TB vs. Spelunker's Lung: TB has bloody sputum


Paracoccidioides brasiliensis

Systemic Mycoses
Transmission: inhalation of conidia
Found in soil in Central and South America
Asymptomatic infection common in children
Microscopy:  yeast form with many cells budding off called the“Pilot’s wheel”

Symptomatic infection in males 30-50 years of age
Persistent cough with sputum, chest pain, fever, weight loss,
Can disseminate to mucosal surfaces, causing lesions of the mouth, nose & GI tract and can go dormant until reactivation


Tissue Tropism of Parasites

CNS: amebae, malaria, Toxoplasma, trypanosomes

Urogenital Tract: trichomonas

Skin: Leishmania

Blood: malaria and trypanosomes

Liver: entamoeba and Leishmania

Intestine: giardia, Cryptosporidium, Entamoeba, Cyclspora, and microsporidia


Modes of Transmission

Intermediate Host- accidental ingestion of larvae

Fecal/Oral Route: accidental ingestion of larvae from feces of infected host

Active Skin Penetration: larval stages invade through skin

Injection via Insect: larval stages develop to infectivity in insect intermediate host


Giardia lamblia

Protozoa with 2 stages

1. Cysts (resistant stage)- usually in water typically shed in stools; Infective stage spread by fecal-oral route
2. Trophozoites (active stage) – causes problems in GI tract such as cramps and diarrhea; live in the intestine

Streams, lakes, wild and domestic animals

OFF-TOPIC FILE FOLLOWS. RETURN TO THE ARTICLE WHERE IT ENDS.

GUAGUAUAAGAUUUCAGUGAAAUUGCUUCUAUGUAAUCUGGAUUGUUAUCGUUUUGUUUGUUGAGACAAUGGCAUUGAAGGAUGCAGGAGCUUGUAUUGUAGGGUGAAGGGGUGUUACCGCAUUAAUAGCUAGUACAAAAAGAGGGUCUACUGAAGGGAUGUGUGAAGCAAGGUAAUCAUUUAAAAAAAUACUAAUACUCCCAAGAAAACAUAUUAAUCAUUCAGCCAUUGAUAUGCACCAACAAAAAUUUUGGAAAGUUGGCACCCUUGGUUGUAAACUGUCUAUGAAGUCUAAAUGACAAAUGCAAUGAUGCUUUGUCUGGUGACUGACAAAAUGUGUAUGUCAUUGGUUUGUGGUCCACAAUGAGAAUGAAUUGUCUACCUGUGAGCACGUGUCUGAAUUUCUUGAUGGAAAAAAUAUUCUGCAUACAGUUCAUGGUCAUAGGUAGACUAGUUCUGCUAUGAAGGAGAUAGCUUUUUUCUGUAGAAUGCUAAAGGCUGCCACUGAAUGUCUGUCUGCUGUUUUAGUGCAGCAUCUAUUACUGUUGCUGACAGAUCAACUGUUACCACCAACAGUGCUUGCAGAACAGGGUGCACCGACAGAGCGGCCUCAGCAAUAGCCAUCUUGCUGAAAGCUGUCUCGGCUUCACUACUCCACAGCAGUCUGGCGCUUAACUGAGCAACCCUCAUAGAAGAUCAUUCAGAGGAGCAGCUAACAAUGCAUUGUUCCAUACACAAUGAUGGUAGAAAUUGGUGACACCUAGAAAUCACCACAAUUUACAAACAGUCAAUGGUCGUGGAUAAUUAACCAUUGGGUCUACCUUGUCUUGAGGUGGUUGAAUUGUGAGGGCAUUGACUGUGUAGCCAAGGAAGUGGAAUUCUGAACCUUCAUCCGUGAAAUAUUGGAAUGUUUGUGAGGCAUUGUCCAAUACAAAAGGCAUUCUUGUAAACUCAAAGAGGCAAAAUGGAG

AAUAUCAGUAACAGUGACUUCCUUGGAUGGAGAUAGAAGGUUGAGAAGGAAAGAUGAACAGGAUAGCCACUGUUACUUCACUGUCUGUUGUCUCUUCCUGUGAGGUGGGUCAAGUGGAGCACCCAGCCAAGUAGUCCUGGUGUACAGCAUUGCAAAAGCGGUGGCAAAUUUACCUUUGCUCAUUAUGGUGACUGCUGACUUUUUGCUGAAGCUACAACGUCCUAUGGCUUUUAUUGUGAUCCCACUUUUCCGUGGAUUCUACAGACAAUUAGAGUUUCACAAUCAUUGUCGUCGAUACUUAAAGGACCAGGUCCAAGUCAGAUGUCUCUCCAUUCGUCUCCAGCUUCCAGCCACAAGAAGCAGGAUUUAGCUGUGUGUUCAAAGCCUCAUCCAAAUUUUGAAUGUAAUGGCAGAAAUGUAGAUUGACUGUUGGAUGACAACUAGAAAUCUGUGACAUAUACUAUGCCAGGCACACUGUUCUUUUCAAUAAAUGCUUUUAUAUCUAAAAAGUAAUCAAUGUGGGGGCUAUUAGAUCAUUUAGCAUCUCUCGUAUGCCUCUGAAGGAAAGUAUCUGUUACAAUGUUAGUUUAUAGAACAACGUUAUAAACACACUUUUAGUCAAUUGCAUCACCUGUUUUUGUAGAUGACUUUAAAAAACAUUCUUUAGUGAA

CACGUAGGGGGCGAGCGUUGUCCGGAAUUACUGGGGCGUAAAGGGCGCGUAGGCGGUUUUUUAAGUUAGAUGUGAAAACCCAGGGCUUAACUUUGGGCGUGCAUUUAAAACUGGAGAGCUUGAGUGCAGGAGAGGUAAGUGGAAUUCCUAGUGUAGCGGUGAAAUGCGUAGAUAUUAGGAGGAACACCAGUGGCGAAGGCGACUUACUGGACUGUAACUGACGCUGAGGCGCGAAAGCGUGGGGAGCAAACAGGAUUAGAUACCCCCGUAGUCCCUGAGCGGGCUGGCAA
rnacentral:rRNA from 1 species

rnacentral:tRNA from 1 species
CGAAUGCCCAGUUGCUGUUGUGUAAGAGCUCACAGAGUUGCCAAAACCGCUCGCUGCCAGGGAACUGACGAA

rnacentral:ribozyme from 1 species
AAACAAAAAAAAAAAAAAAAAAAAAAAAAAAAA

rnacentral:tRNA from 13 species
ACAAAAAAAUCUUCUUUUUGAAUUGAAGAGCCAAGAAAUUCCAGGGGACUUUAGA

Contaminated water, fruits and vegetables
Resistant to chlorination
Transmission: ingestion (10-25 cysts)
Gastric acid causes change from cyst to trophozoite
Trophozoite attaches to intestinal villi causing localized tissue damage
Incubation: 1-4 weeks, average 10 days
Symptoms: acute, onset  of foul smelling, watery diarrhea, cramps, flatulence, and steatorrhea lasting 10-14 days
Diagnosis: microscopy of stool sample, 1/day for 3 days


Naegleria fowleri

Protozoa: amoeba
Soil at the bottom of lakes
Seasonal: summer, warmer temperatures
Transmission: contact with nasal mucosa
Swimming, water skiing, immersed in water
Invades nasal mucosa, travels to the brain - causes death most of the time, therefore not a successful parasite

Netty pot cases
Primary Amebic Meningoencephalitis (PAM)
Intense frontal headache, sore throat, fever, altered sense of taste and smell, nuchal rigidity - this is usually indicative of meningitis
Death: 4-5 days
Diagnosis: CSF sample will contain ameba and red blood cells
Life Cycle: cyst (found in environment), trophozoite, flagellated form, promitosis back into trophozoite (infectious form) to penetrate the nasal muscae and travels to CSF and brain tissue 



parasitic worms
1. Flatworms: Tapeworms: cestodes and Flukes: trematodes
2.Roundworms: nematodes
Most common helminth: It has no geography preference = pinworms; infects mostly children


Enterobius vermicularis

Ingestion of eggs, which migrate to large intestine
Mature into adults (2-6 weeks)
Females lay thousands of eggs in the perianal folds
Symptoms: pruritus, loss of sleep, fatigue

Life Cycle: eggs on perianal folds, embryonated eggs ingested by human, larvae hatch in small intestine, adults in lumen of cecum, gravid females migrates to perianal folds at night to lay eggs

Children, day cares, schools
Scotch tape test on anus
Treat entire family as a precaution


Dracunculus medinensis

Nematode (roundworm) in Asia & Africa
Ingestion of intermediate host: copepod (type of cyclops)
Worm larvae released in the stomach, which penetrate through GI walls and migrate to extremities (ams and legs) to cause tissue damage
Forms a vesicle on the skin (1yr after exposure)
Ulcerates (blister), female worm is exposed
Upon contact with water, larvae are released
Ingested by copepods
Animals can also be reservoirs
Life Cycle: larva escapes from skin lesion, ingested in cyclops in the water, goes through 2nd and 3rd larval stages, human ingested cyclops, penetrates intestinal wall, females travel to extremities and lay eggs (dx stage)